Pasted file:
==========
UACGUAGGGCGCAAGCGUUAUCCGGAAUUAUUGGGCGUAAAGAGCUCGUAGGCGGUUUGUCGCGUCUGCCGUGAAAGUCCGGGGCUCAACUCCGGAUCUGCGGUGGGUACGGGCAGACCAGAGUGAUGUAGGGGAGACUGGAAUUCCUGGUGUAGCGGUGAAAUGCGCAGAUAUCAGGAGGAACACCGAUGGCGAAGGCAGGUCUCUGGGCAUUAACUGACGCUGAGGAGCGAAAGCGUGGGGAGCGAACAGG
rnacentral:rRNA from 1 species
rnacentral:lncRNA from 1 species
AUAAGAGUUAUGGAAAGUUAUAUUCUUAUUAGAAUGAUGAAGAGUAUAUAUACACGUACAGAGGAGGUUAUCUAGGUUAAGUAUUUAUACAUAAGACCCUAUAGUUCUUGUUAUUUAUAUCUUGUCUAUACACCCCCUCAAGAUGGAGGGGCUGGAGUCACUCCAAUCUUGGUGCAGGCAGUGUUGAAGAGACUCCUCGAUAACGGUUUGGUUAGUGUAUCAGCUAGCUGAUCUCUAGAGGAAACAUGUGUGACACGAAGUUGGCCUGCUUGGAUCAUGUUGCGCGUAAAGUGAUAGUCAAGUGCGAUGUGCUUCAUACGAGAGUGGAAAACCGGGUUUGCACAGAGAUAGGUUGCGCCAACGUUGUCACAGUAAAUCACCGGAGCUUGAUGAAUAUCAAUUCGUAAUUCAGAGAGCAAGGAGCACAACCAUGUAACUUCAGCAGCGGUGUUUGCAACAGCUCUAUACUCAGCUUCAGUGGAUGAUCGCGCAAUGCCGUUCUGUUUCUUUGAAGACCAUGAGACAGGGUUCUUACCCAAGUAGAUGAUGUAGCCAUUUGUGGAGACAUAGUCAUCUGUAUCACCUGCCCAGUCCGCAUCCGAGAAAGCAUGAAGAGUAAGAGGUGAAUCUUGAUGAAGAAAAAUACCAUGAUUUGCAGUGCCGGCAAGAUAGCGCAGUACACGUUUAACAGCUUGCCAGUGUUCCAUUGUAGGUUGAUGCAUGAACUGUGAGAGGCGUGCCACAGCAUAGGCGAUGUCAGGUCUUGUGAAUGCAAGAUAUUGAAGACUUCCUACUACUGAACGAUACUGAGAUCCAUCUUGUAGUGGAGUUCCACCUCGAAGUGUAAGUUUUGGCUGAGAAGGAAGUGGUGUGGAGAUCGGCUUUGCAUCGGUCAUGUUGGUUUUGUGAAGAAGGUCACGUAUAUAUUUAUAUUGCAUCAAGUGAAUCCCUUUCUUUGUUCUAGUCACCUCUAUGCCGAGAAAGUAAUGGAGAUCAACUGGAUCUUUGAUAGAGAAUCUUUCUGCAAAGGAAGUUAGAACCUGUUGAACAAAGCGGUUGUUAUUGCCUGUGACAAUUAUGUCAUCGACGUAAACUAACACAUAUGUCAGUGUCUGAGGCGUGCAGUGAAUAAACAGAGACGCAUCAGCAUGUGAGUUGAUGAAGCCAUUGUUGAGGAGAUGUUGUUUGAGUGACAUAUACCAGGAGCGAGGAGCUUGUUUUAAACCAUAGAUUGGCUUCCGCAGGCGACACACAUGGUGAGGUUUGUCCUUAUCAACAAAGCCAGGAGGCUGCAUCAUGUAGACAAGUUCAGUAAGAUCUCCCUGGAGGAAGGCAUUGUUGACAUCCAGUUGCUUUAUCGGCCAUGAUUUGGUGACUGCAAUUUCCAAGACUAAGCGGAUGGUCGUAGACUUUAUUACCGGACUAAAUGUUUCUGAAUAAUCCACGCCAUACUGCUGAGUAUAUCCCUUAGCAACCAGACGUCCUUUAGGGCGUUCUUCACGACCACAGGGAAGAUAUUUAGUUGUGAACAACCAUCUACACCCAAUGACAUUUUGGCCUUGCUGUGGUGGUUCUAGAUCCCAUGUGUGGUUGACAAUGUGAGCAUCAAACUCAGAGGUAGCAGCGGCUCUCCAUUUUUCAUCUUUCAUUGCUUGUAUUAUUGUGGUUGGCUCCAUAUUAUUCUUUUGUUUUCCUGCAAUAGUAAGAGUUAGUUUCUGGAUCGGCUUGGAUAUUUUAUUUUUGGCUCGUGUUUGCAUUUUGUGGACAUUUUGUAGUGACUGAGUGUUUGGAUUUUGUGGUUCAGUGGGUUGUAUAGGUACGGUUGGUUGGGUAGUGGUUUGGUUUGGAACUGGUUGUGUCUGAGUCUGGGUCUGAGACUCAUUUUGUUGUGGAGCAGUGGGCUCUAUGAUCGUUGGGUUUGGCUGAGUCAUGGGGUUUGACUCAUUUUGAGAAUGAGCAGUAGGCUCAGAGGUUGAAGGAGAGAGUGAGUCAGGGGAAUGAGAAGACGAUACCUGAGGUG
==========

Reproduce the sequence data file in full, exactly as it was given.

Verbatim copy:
UACGUAGGGCGCAAGCGUUAUCCGGAAUUAUUGGGCGUAAAGAGCUCGUAGGCGGUUUGUCGCGUCUGCCGUGAAAGUCCGGGGCUCAACUCCGGAUCUGCGGUGGGUACGGGCAGACCAGAGUGAUGUAGGGGAGACUGGAAUUCCUGGUGUAGCGGUGAAAUGCGCAGAUAUCAGGAGGAACACCGAUGGCGAAGGCAGGUCUCUGGGCAUUAACUGACGCUGAGGAGCGAAAGCGUGGGGAGCGAACAGG
rnacentral:rRNA from 1 species
rnacentral:lncRNA from 1 species
AUAAGAGUUAUGGAAAGUUAUAUUCUUAUUAGAAUGAUGAAGAGUAUAUAUACACGUACAGAGGAGGUUAUCUAGGUUAAGUAUUUAUACAUAAGACCCUAUAGUUCUUGUUAUUUAUAUCUUGUCUAUACACCCCCUCAAGAUGGAGGGGCUGGAGUCACUCCAAUCUUGGUGCAGGCAGUGUUGAAGAGACUCCUCGAUAACGGUUUGGUUAGUGUAUCAGCUAGCUGAUCUCUAGAGGAAACAUGUGUGACACGAAGUUGGCCUGCUUGGAUCAUGUUGCGCGUAAAGUGAUAGUCAAGUGCGAUGUGCUUCAUACGAGAGUGGAAAACCGGGUUUGCACAGAGAUAGGUUGCGCCAACGUUGUCACAGUAAAUCACCGGAGCUUGAUGAAUAUCAAUUCGUAAUUCAGAGAGCAAGGAGCACAACCAUGUAACUUCAGCAGCGGUGUUUGCAACAGCUCUAUACUCAGCUUCAGUGGAUGAUCGCGCAAUGCCGUUCUGUUUCUUUGAAGACCAUGAGACAGGGUUCUUACCCAAGUAGAUGAUGUAGCCAUUUGUGGAGACAUAGUCAUCUGUAUCACCUGCCCAGUCCGCAUCCGAGAAAGCAUGAAGAGUAAGAGGUGAAUCUUGAUGAAGAAAAAUACCAUGAUUUGCAGUGCCGGCAAGAUAGCGCAGUACACGUUUAACAGCUUGCCAGUGUUCCAUUGUAGGUUGAUGCAUGAACUGUGAGAGGCGUGCCACAGCAUAGGCGAUGUCAGGUCUUGUGAAUGCAAGAUAUUGAAGACUUCCUACUACUGAACGAUACUGAGAUCCAUCUUGUAGUGGAGUUCCACCUCGAAGUGUAAGUUUUGGCUGAGAAGGAAGUGGUGUGGAGAUCGGCUUUGCAUCGGUCAUGUUGGUUUUGUGAAGAAGGUCACGUAUAUAUUUAUAUUGCAUCAAGUGAAUCCCUUUCUUUGUUCUAGUCACCUCUAUGCCGAGAAAGUAAUGGAGAUCAACUGGAUCUUUGAUAGAGAAUCUUUCUGCAAAGGAAGUUAGAACCUGUUGAACAAAGCGGUUGUUAUUGCCUGUGACAAUUAUGUCAUCGACGUAAACUAACACAUAUGUCAGUGUCUGAGGCGUGCAGUGAAUAAACAGAGACGCAUCAGCAUGUGAGUUGAUGAAGCCAUUGUUGAGGAGAUGUUGUUUGAGUGACAUAUACCAGGAGCGAGGAGCUUGUUUUAAACCAUAGAUUGGCUUCCGCAGGCGACACACAUGGUGAGGUUUGUCCUUAUCAACAAAGCCAGGAGGCUGCAUCAUGUAGACAAGUUCAGUAAGAUCUCCCUGGAGGAAGGCAUUGUUGACAUCCAGUUGCUUUAUCGGCCAUGAUUUGGUGACUGCAAUUUCCAAGACUAAGCGGAUGGUCGUAGACUUUAUUACCGGACUAAAUGUUUCUGAAUAAUCCACGCCAUACUGCUGAGUAUAUCCCUUAGCAACCAGACGUCCUUUAGGGCGUUCUUCACGACCACAGGGAAGAUAUUUAGUUGUGAACAACCAUCUACACCCAAUGACAUUUUGGCCUUGCUGUGGUGGUUCUAGAUCCCAUGUGUGGUUGACAAUGUGAGCAUCAAACUCAGAGGUAGCAGCGGCUCUCCAUUUUUCAUCUUUCAUUGCUUGUAUUAUUGUGGUUGGCUCCAUAUUAUUCUUUUGUUUUCCUGCAAUAGUAAGAGUUAGUUUCUGGAUCGGCUUGGAUAUUUUAUUUUUGGCUCGUGUUUGCAUUUUGUGGACAUUUUGUAGUGACUGAGUGUUUGGAUUUUGUGGUUCAGUGGGUUGUAUAGGUACGGUUGGUUGGGUAGUGGUUUGGUUUGGAACUGGUUGUGUCUGAGUCUGGGUCUGAGACUCAUUUUGUUGUGGAGCAGUGGGCUCUAUGAUCGUUGGGUUUGGCUGAGUCAUGGGGUUUGACUCAUUUUGAGAAUGAGCAGUAGGCUCAGAGGUUGAAGGAGAGAGUGAGUCAGGGGAAUGAGAAGACGAUACCUGAGGUG